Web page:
Since their creation in 1997, many taxpayers have been unable to take advantage of Roth IRAs due to income limitations imposed both on direct contributions (in 2009 and 2010, $176,000 for married filers and $120,000 for single filers) and on conversion of traditional IRAs to Roth IRAs (in 2009, $100,000 for both married and single filers). In 2005, the Tax Increase Prevention and Reconciliation Act (TIPRA) made a change that has been dormant since passage, but will have far reaching effects starting next year for taxpayers who were previously foreclosed from utilizing Roth IRAs.
Under the federal tax rules in effect since inception of Roth IRAs, a regular IRA could not be converted to a Roth IRA if a taxpayer's adjusted gross income (AGI) is in excess of $100,000. As a result of the TIPRA of 2005, beginning on January 1, 2010, the AGI limitation on conversion is gone, meaning any taxpayer can convert a regular IRA to a Roth IRA. A converting taxpayer must pay the income tax on the conversion, but may elect to pay the tax in the year of conversion or spread the taxes resulting from conversion over the two years following conversion (i.e., if conversion is made in 2010, the tax payment may be deferred until 2011 and 2012). The tax rate paid on conversion will be the tax rates in effect in the year the taxes are paid.
Once a regular IRA is converted to a Roth IRA, the Roth IRA continues to grow income tax free. Unlike a regular IRA, when a taxpayer reaches age 70½, they do not have to take minimum required distributions out of the Roth IRA, thus allowing the Roth IRA to continue to grow tax-free. Also, when the taxpayer leaves the Roth IRA to their intended beneficiaries at death, those beneficiaries are able to withdraw the Roth IRA over their respective life expectancies tax-free. So, if a 10 year old grandchild is named as the beneficiary, the Roth IRA would be withdrawn over the grandchild’s life expectancy (72.8 years based on the current Single Life Table published by the IRS), and amounts within the Roth IRA continue to appreciate tax-free over that 72.8 year life expectancy.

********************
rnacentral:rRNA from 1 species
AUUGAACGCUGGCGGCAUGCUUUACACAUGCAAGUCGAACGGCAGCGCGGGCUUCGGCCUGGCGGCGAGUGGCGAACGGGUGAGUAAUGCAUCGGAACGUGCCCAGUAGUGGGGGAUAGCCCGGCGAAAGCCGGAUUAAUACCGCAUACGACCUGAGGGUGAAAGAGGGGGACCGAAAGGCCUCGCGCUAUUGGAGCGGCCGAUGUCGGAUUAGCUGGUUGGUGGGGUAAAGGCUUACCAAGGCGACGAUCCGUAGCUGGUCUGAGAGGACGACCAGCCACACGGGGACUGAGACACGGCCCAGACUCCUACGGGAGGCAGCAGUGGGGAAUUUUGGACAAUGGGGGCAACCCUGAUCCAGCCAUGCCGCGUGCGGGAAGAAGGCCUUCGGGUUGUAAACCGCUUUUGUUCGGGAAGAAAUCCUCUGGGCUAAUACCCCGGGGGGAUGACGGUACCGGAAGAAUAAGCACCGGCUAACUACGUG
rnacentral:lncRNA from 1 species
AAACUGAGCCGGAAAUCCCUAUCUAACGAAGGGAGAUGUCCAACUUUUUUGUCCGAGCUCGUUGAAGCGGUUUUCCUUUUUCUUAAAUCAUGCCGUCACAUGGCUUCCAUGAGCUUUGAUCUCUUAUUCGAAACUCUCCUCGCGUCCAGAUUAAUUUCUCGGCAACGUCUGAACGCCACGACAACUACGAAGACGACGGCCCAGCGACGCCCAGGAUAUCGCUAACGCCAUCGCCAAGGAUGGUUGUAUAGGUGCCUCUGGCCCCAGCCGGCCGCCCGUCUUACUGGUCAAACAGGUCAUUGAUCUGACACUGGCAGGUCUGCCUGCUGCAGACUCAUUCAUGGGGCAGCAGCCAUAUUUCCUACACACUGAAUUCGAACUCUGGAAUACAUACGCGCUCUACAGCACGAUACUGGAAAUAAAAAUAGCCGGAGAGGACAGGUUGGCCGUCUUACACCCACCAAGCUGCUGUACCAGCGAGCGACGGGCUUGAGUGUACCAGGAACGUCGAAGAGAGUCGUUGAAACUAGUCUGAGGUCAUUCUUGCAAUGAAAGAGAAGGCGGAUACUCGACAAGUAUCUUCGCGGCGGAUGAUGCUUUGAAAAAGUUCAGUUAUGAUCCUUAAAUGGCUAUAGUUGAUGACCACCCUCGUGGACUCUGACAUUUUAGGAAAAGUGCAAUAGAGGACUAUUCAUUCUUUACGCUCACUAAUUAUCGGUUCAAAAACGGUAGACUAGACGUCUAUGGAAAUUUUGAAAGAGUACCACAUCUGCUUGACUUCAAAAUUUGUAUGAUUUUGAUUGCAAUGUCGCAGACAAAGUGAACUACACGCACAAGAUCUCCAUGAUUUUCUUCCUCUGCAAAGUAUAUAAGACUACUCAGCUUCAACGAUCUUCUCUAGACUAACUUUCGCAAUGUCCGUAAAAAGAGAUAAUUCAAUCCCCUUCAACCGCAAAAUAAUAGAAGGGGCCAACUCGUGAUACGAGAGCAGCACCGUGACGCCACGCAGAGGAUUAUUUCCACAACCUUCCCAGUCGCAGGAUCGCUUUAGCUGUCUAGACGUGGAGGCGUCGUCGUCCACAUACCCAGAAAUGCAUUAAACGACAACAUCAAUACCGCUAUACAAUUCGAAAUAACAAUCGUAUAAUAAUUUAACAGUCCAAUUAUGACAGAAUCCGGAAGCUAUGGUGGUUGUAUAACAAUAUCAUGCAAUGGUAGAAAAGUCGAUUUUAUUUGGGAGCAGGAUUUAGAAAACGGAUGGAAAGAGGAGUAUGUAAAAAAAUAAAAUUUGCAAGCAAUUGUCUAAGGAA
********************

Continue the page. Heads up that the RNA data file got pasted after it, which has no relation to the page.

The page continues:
Generally, there are four factors to consider when a taxpayer is considering converting a regular IRA to a Roth IRA:
- Are income tax rates going up in future years after conversion? Income tax rates now are at a relatively low point in recent history, and with the ambitious programs spelled out by the current administration, it would be logical to expect income tax rates to go up in future years.
- Does the taxpayer have funds outside the IRA to pay the income tax on conversion? By using outside funds, all of the tax deferred (now tax-free) amounts inside the Roth IRA stay intact to continue to grow income tax-free. Be warned that if a taxpayer is under age 59½ and if funds inside the Roth IRA are needed to pay the tax on conversion, they will be subject to an early withdrawal excise tax of 10%.
- Does the taxpayer need the monies inside the IRA to live on after reaching age 70½? If the taxpayer does not need the assets inside the converted Roth IRA to live on, the assets continue their tax-free growth inside the Roth IRA.
- What is the age of the taxpayer? The longer time horizon there is between conversion and when the Roth IRA would need to be paid out at death, the greater the tax-free appreciation.